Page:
More cameras come online

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Another three sets of traffic cameras will go live in early May, following a month’s delay due to technical issues, as the network expands outside the capital for the first time.

A fourth busy Nicosia junction will be added to the system, while Limassol will see its first two sets of cameras go live in the coming weeks.

Junctions controlled by traffic cameras in the capital will increase to four, as the installation at the busy crossing of Makarios and Spyrou Kyprianou Avenues has already been tested.

Later in May, a second set of traffic cameras on the junction of Strovolos Avenue and Macheras Street is expected to go live.

In Limassol, cameras coming online are at the junction of Archbishop Makarios with Nikos Pattichis Avenues and the junction of Agia Fylaxeos-Gladstonos Avenues.

Currently, the traffic camera network is only operational in Nicosia at three points; the intersection of Griva Digheni and Demosthenis Severis, Griva Digheni and Prodromou and the junction of Limassol and Armenia Avenues.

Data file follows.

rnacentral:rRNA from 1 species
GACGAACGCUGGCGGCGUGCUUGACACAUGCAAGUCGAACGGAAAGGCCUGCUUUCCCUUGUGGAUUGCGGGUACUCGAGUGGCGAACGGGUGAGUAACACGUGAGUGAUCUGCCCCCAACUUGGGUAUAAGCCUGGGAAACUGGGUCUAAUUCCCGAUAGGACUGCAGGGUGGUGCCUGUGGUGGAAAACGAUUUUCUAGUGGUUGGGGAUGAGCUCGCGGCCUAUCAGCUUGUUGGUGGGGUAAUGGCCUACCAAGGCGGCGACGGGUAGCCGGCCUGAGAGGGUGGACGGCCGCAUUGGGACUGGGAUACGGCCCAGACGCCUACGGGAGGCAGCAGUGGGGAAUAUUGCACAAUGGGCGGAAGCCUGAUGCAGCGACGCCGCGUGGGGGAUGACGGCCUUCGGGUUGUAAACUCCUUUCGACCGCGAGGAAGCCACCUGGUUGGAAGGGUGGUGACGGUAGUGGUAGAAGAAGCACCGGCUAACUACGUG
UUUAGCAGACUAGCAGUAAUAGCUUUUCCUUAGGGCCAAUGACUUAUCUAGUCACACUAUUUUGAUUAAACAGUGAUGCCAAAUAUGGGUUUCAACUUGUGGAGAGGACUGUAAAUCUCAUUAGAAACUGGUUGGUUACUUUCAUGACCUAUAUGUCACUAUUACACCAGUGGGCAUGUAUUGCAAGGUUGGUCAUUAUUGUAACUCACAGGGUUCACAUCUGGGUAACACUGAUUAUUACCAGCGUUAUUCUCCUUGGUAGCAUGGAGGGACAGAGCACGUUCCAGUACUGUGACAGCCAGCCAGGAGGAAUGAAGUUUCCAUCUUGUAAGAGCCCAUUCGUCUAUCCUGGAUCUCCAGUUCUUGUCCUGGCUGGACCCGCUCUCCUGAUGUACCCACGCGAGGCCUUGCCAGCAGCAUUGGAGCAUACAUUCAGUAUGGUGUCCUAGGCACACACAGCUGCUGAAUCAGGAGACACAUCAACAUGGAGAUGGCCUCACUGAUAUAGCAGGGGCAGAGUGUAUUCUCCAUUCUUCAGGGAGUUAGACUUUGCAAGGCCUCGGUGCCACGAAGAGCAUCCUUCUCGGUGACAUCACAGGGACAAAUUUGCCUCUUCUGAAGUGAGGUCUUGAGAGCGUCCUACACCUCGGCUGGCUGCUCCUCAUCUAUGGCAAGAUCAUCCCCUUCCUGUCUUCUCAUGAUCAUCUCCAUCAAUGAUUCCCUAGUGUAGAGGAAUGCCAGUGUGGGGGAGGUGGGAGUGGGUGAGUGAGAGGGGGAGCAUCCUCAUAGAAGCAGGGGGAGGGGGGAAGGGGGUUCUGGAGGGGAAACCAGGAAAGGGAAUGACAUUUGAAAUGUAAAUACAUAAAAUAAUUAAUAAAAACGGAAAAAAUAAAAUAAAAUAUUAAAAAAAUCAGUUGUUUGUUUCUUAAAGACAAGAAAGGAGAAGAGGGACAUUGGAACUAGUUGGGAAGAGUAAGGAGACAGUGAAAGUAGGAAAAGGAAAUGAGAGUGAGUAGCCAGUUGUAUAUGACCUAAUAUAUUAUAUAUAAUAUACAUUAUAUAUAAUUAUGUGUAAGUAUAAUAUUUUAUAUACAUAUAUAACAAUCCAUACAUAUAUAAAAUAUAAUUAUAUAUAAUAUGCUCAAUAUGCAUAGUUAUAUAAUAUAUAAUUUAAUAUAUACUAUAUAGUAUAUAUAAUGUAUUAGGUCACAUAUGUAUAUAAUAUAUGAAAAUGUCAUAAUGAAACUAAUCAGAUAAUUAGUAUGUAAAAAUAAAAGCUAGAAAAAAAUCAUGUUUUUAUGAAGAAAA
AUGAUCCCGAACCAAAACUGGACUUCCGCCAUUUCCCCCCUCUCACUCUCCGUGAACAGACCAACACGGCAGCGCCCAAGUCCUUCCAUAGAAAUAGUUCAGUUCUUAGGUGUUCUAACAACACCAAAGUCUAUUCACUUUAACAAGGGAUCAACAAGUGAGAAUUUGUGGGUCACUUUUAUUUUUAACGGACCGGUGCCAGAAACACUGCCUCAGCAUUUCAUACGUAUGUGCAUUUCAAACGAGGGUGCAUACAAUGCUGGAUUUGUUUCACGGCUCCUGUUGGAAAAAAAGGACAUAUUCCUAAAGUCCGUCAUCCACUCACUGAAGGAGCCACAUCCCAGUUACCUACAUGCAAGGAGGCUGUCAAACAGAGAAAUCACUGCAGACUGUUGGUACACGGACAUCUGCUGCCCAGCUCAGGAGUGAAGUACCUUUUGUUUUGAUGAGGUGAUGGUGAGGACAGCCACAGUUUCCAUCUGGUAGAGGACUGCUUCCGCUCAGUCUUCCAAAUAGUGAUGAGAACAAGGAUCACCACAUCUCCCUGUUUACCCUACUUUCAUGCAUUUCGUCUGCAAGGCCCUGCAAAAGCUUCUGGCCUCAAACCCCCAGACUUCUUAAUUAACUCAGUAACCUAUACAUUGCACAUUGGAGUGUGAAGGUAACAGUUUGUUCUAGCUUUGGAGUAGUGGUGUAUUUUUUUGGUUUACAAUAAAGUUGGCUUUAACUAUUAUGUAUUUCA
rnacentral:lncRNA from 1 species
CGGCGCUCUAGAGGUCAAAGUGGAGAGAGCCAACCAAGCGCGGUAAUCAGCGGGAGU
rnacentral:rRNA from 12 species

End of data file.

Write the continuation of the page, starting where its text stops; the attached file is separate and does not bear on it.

Another set of speed cameras along Griva Digheni Avenue is also in operation but is not part of the recent contract given to US operators Conduent State & Local Solutions.

Larnaca, Paphos and Paralimni have yet to receive fixed traffic cameras.

Meanwhile, the number of mobile cameras has reached eight, with authorities expecting to receive another eight by May.

Once the €34 mln system is fully operational, there will be 90 fixed units in 30 locations and 20 mobile cameras.

According to the contract, each mobile camera will be operational eight hours a day and cannot be stationed at the same spot for more than two hours.

Police are to prosecute the first cases regarding offenders who have not paid their fines after being captured on camera.

Traffic cameras were first introduced 14 years ago, but technical and legal issues over the ownership of the platform and collection of fines forced the government to switch them off.

Cyprus has adopted the European target of a 50% reduction in road fatalities and serious injuries by 2030.

Cameras record traffic light and speed limit violations, plus secondary offences such as not wearing a seatbelt or crash helmet and talking on the phone while driving.

Cyprus recorded the lowest number of road deaths in 2022, with officials pinning the success of re-introducing speed cameras.

Police reported 37 road deaths in 2022, seven less than the year before.